Adrenergic activation attenuates astrocyte swelling induced by hypotonicity and neurotrauma

Nina Vardjan, Anemari Horvat, Jamie E. Anderson, Dou Yu, Deborah Croom, Xiang Zeng, Zala Lužnik, Marko Kreft, Yang D. Teng, Sergei A. Kirov, Robert Zorec

Research output: Contribution to journalArticlepeer-review

42 Scopus citations


Edema in the central nervous system can rapidly result in life-threatening complications. Vasogenic edema is clinically manageable, but there is no established medical treatment for cytotoxic edema, which affects astrocytes and is a primary trigger of acute post-traumatic neuronal death. To test the hypothesis that adrenergic receptor agonists, including the stress stimulus epinephrine protects neural parenchyma from damage, we characterized its effects on hypotonicity-induced cellular edema in cortical astrocytes by in vivo and in vitro imaging. After epinephrine administration, hypotonicity-induced swelling of astrocytes was markedly reduced and cytosolic 3'-5'-cyclic adenosine monophosphate (cAMP) was increased, as shown by a fluorescence resonance energy transfer nanosensor. Although, the kinetics of epinephrine-induced cAMP signaling was slowed in primary cortical astrocytes exposed to hypotonicity, the swelling reduction by epinephrine was associated with an attenuated hypotonicity-induced cytosolic Ca2+ excitability, which may be the key to prevent astrocyte swelling. Furthermore, in a rat model of spinal cord injury, epinephrine applied locally markedly reduced neural edema around the contusion epicenter. These findings reveal new targets for the treatment of cellular edema in the central nervous system. GLIA 2016;64:1034-1049 Main Points: Epinephrine reduces hypotonic astrocyte swelling in vitro and in vivo. Cell swelling reduction involves cAMP-mediated Ca2+ hypoexcitability. Epinephrine reduces trauma-induced astrocyte swelling; a new possibility for the treatment of cellular edema.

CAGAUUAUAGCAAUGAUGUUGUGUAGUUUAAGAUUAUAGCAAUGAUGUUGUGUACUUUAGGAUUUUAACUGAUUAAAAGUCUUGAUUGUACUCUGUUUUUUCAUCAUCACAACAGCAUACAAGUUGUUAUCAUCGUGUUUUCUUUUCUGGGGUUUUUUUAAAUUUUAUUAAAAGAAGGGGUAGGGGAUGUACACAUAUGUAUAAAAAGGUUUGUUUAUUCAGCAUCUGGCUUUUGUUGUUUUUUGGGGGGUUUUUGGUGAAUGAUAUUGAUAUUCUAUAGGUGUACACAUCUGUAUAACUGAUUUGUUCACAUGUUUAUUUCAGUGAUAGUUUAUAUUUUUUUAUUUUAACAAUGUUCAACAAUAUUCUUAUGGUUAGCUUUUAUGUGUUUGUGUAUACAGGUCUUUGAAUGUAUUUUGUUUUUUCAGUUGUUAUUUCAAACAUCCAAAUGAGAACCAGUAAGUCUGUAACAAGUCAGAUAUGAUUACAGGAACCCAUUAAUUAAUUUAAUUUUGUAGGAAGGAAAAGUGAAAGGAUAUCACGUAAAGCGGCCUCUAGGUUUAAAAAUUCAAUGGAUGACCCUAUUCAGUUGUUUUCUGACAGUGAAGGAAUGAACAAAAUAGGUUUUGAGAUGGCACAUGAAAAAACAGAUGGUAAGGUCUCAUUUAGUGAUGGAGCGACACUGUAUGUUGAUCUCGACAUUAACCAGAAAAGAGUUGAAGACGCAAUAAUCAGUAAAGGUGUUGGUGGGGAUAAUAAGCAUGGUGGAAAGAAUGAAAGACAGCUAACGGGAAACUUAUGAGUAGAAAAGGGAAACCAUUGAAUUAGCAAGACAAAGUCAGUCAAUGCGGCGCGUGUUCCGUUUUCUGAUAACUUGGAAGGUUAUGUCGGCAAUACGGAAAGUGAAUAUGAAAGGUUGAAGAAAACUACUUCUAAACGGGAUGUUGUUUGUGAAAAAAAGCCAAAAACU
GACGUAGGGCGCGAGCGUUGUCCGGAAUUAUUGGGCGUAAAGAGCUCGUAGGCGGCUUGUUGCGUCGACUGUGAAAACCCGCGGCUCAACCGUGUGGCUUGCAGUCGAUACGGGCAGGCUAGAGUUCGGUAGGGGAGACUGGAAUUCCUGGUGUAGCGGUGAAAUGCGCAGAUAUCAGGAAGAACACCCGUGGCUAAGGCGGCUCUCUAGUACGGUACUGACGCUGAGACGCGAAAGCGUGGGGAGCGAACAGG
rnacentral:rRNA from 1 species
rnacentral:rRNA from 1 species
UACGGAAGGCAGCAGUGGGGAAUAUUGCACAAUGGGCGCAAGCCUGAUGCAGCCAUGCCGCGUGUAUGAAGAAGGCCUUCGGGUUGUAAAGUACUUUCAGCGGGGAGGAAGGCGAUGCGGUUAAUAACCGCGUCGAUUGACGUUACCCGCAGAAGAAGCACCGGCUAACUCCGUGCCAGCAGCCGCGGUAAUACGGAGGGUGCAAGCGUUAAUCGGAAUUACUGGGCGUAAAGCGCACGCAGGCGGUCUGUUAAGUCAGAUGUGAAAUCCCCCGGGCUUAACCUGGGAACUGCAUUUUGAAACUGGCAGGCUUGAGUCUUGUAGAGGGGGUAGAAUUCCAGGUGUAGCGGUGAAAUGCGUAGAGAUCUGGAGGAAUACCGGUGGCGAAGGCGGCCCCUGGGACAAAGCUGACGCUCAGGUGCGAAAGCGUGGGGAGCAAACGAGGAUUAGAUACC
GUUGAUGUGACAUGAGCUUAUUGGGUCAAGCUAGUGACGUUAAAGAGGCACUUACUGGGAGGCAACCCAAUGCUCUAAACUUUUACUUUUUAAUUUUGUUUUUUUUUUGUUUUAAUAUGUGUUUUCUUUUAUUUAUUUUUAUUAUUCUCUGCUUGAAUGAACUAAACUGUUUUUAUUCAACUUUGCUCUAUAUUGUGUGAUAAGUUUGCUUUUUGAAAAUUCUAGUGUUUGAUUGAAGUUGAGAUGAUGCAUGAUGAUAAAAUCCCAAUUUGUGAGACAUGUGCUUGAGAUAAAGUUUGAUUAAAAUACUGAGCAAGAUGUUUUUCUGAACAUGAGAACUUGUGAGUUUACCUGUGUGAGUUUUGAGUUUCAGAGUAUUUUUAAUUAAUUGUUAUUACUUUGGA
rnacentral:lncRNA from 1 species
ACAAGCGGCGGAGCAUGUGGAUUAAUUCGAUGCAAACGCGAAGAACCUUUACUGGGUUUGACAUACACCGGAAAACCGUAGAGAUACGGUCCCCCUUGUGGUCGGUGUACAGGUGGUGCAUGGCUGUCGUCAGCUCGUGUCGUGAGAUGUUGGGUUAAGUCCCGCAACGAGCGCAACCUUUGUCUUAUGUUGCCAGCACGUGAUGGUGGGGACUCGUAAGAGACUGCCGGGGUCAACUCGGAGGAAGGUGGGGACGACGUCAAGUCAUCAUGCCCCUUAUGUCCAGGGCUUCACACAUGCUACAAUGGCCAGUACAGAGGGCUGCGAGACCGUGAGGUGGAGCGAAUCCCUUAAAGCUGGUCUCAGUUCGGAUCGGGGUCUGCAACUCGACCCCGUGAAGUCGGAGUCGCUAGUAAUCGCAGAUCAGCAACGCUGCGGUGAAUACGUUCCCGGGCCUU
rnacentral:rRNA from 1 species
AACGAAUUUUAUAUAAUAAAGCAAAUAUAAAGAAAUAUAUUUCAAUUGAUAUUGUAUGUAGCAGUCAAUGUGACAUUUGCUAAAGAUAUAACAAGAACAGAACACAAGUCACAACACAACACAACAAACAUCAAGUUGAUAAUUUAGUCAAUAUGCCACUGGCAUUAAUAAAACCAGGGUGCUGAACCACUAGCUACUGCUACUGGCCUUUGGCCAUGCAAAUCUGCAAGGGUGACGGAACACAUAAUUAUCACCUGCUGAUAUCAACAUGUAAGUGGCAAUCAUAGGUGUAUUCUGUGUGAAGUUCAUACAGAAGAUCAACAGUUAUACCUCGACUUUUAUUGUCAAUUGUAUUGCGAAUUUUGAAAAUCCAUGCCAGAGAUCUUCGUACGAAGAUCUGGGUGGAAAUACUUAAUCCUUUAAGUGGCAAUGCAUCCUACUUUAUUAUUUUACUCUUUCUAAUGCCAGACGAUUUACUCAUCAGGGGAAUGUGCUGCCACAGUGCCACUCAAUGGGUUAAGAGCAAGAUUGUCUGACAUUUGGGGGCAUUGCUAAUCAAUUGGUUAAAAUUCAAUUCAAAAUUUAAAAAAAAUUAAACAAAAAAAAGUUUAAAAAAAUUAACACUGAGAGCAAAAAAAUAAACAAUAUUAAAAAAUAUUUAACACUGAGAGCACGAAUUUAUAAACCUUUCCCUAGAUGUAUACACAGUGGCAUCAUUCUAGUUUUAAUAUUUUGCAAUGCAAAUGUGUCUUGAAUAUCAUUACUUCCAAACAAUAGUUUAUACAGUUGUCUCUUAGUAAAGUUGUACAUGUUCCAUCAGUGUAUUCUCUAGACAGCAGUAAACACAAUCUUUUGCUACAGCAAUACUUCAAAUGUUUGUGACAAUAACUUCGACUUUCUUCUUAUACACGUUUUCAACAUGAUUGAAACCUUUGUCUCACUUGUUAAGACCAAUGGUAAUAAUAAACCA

Original languageEnglish (US)
Pages (from-to)1034-1049
Number of pages16
Issue number6
StatePublished - Jun 1 2016


  • Astrocytes
  • Cerebral cortex
  • Contusion trauma
  • Cytotoxic edema
  • Epinephrine
  • Spinal cord

ASJC Scopus subject areas

  • Neurology
  • Cellular and Molecular Neuroscience


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